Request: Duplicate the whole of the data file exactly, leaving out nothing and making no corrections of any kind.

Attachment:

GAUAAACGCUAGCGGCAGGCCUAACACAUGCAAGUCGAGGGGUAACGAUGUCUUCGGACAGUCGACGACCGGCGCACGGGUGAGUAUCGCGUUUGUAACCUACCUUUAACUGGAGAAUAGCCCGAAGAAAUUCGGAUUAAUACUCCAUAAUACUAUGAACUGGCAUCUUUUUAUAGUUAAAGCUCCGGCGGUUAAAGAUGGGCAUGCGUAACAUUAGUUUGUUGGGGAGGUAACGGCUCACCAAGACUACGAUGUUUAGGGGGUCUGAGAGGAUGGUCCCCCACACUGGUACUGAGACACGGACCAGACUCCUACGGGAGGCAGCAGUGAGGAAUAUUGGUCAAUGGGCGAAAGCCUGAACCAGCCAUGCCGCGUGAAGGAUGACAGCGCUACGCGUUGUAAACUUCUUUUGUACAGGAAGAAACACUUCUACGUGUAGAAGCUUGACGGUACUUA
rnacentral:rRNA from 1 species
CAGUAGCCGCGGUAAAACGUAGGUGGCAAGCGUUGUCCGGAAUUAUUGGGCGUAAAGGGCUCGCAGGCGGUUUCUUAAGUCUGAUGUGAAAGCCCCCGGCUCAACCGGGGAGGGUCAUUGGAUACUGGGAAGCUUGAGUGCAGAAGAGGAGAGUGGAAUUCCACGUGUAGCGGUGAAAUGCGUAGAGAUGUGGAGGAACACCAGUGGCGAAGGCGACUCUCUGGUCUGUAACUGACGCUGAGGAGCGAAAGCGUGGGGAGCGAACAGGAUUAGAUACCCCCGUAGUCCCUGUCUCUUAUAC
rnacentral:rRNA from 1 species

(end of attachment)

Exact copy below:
GAUAAACGCUAGCGGCAGGCCUAACACAUGCAAGUCGAGGGGUAACGAUGUCUUCGGACAGUCGACGACCGGCGCACGGGUGAGUAUCGCGUUUGUAACCUACCUUUAACUGGAGAAUAGCCCGAAGAAAUUCGGAUUAAUACUCCAUAAUACUAUGAACUGGCAUCUUUUUAUAGUUAAAGCUCCGGCGGUUAAAGAUGGGCAUGCGUAACAUUAGUUUGUUGGGGAGGUAACGGCUCACCAAGACUACGAUGUUUAGGGGGUCUGAGAGGAUGGUCCCCCACACUGGUACUGAGACACGGACCAGACUCCUACGGGAGGCAGCAGUGAGGAAUAUUGGUCAAUGGGCGAAAGCCUGAACCAGCCAUGCCGCGUGAAGGAUGACAGCGCUACGCGUUGUAAACUUCUUUUGUACAGGAAGAAACACUUCUACGUGUAGAAGCUUGACGGUACUUA
rnacentral:rRNA from 1 species
CAGUAGCCGCGGUAAAACGUAGGUGGCAAGCGUUGUCCGGAAUUAUUGGGCGUAAAGGGCUCGCAGGCGGUUUCUUAAGUCUGAUGUGAAAGCCCCCGGCUCAACCGGGGAGGGUCAUUGGAUACUGGGAAGCUUGAGUGCAGAAGAGGAGAGUGGAAUUCCACGUGUAGCGGUGAAAUGCGUAGAGAUGUGGAGGAACACCAGUGGCGAAGGCGACUCUCUGGUCUGUAACUGACGCUGAGGAGCGAAAGCGUGGGGAGCGAACAGGAUUAGAUACCCCCGUAGUCCCUGUCUCUUAUAC
rnacentral:rRNA from 1 species